Commodity-linked Currencies Expose Cracks in Economies

How Currencies Impact Economies

Colin Anderson / Getty Images.

Crude oil’s dramatic decline from over $100 per barrel in mid-2014 to less than $30 per barrel by early-2016 has wreaked havoc on the global economy. While the U.S. may suffer from a spat of energy-related bankruptcies, countries that rely on the commodity to drive economic growth and finance social security programs could suffer worse fates. Russia, Venezuela, and other countries that fall under this category are already buckling under the pressure.

At its core, the decline in crude oil has put downward pressure on gross domestic product (GDP) for many oil-producing countries. The inverse relationship between GDP growth and inflation means that lower economic growth often translates to lower currency valuations. Russia’s ruble and Brazil’s real both hit all-time lows against the U.S. dollar in early-2016 driven by the impact of crude oil prices on their valuations.

Pegs vs. Devaluations

Many countries with floating rate currencies have seen broad depreciations. For example, Peru’s Nuevo Sol has fallen about 20% from 0.36 U.S. dollars per Nuevo Sol in mid-2014 to less than 0.30 U.S. dollars per Nuevo Sol by early-2016. The situation has been far worse in countries like Venezuela that are facing hyperinflation, with the value of the U.S. dollar soaring more than 100% versus the Venezuelan bolivar throughout 2015 and early 2016.

Countries with significant central bank reserves have chosen to peg their currency to the U.S. dollar in order to prevent these kinds of devaluations.

For example, Saudi Arabia’s riyal is pegged at about 3.75 to the U.S. dollar. When the currency deviates from this amount, the central bank intervenes in the global currency market to buy riyals and maintain the peg. Of course, this uses up central bank reserves when there’s strong selling pressure.

Wider Consequences

Falling valuations and inflation pose significant problems for a country’s economy. In general, inflation makes consumer goods more expensive, penalizes savers for holding money, and rewards debtors for having borrowed money. Hyperinflation poses a much greater problem by encouraging a nation’s citizens to avoid holding cash at all costs in order to reduce their risk of loss, which can exacerbate a currency crisis and drive further inflation.

Many Middle Eastern countries also rely on crude oil revenue in order to finance public welfare programs and maintain political stability. If these revenues dry up, these countries could face difficult choices when it comes to maintaining a fiscal budget. These dynamics could create geopolitical risks that may serve to destabilize an economy, which ultimately reduces foreign direct investment as investors avoid investing in excessively risky assets.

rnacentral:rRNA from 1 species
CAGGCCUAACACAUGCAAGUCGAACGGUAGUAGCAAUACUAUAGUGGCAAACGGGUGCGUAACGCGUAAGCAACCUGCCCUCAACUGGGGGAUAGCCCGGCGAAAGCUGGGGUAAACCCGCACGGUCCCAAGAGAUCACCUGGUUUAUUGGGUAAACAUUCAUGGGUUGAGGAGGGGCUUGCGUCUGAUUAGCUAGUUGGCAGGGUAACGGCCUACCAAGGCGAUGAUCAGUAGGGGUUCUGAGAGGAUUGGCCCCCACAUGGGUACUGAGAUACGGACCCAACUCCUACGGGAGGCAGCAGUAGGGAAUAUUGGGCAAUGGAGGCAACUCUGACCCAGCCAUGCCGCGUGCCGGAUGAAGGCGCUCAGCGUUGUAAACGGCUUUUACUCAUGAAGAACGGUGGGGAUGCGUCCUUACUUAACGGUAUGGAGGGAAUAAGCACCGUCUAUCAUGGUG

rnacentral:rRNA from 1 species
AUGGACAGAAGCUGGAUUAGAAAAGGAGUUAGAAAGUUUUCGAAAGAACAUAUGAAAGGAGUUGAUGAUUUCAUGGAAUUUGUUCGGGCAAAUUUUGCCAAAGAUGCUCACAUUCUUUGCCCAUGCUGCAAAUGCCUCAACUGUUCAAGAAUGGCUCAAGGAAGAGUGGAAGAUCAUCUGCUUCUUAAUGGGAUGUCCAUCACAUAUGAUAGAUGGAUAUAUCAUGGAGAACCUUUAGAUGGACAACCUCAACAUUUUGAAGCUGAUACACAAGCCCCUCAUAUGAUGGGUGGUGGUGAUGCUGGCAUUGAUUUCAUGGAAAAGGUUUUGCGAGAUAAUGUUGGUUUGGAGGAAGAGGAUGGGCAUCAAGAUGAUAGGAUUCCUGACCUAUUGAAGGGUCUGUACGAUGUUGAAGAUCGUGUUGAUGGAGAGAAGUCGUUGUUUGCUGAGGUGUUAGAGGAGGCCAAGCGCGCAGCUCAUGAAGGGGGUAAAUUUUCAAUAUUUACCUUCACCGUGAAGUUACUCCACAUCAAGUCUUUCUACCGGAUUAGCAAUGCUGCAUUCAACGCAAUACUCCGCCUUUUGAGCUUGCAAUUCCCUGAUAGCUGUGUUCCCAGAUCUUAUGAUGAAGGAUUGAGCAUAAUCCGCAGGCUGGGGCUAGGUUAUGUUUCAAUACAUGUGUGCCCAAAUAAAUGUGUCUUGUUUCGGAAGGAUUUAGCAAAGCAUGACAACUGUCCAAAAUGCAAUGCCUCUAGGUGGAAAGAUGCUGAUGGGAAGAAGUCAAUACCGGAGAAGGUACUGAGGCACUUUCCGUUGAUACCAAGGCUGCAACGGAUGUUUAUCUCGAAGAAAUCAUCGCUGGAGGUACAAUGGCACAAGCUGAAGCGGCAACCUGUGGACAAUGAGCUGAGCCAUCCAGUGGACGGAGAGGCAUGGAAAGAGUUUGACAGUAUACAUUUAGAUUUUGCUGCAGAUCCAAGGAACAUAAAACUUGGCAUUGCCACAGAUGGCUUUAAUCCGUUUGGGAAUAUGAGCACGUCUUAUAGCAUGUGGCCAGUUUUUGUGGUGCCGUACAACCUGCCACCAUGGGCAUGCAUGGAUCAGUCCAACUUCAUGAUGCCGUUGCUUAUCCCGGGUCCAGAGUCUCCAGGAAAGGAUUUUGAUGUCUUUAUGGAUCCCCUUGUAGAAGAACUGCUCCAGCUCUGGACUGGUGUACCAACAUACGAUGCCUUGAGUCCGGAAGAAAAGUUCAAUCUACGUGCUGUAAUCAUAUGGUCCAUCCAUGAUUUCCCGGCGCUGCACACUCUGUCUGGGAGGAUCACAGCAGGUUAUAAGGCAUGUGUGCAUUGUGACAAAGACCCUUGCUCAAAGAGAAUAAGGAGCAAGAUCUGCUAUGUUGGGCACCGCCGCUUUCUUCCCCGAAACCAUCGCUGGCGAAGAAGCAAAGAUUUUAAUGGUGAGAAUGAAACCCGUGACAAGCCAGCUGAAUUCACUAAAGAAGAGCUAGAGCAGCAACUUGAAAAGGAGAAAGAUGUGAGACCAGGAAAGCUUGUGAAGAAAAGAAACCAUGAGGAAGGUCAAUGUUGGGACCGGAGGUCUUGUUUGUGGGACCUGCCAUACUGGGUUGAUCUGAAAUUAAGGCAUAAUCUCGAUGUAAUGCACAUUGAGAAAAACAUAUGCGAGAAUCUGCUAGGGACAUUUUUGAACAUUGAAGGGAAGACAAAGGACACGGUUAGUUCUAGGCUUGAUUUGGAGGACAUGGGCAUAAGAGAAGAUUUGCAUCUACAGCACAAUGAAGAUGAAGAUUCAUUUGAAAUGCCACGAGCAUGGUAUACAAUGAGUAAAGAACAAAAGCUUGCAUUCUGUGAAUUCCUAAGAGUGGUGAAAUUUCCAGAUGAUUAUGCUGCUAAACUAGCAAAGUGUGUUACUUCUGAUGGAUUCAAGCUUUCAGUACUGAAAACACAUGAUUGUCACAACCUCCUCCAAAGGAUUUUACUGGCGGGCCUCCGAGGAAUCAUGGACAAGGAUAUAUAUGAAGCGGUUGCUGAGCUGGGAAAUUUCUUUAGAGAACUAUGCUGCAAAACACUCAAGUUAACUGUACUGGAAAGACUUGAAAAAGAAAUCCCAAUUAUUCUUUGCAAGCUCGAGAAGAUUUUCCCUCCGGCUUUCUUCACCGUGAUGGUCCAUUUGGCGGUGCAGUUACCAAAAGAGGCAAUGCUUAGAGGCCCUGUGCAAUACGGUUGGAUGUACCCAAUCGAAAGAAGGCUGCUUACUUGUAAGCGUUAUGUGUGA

Investor Considerations

Investors have a couple different options when investing in commodity-dependent countries in order to mitigate risks and remain diversified.

The first option is to avoid these markets entirely by selling equities and focusing on non-commodity-dependent markets, like the United States or European Union.

While this is certainly a possibility, the downside is that it reduces a portfolio’s overall diversification. Buying and selling sectors also involves market timing, which raises the risk of subpar returns through bad timing – selling during a downturn is generally not a good idea.

A second option is to continue holding these equities, but hedge risks by investing in currency-hedged exchange-traded funds (ETFs) or purchasing put options. By taking these actions, investors can maintain their potential upside exposure while mitigating downside risks. The currency-hedged ETFs help reduce currency-related risks, while put options can accumulate value during a downturn and offset any decline in the underlying equity or ETF.

Investors should also ensure that they’re properly diversified on an aggregate basis by holding a broad basket of industries, asset classes, and geographic regions.

Key Takeaway Points

  • Crude oil’s dramatic fall has taken a big toll on the global economy in 2015 and 2016.
  • Commodity-dependent nations are experiencing the biggest problems with falling oil prices, since it negatively impacts their economic growth and currency valuations.
  • Aside from the economic consequences, these dynamics can have a negative impact on the social welfare and stability of a nation.
  • Investors can mitigate these risks by investing in currency-hedged ETFs or purchasing put options to offset any losses from a downturn.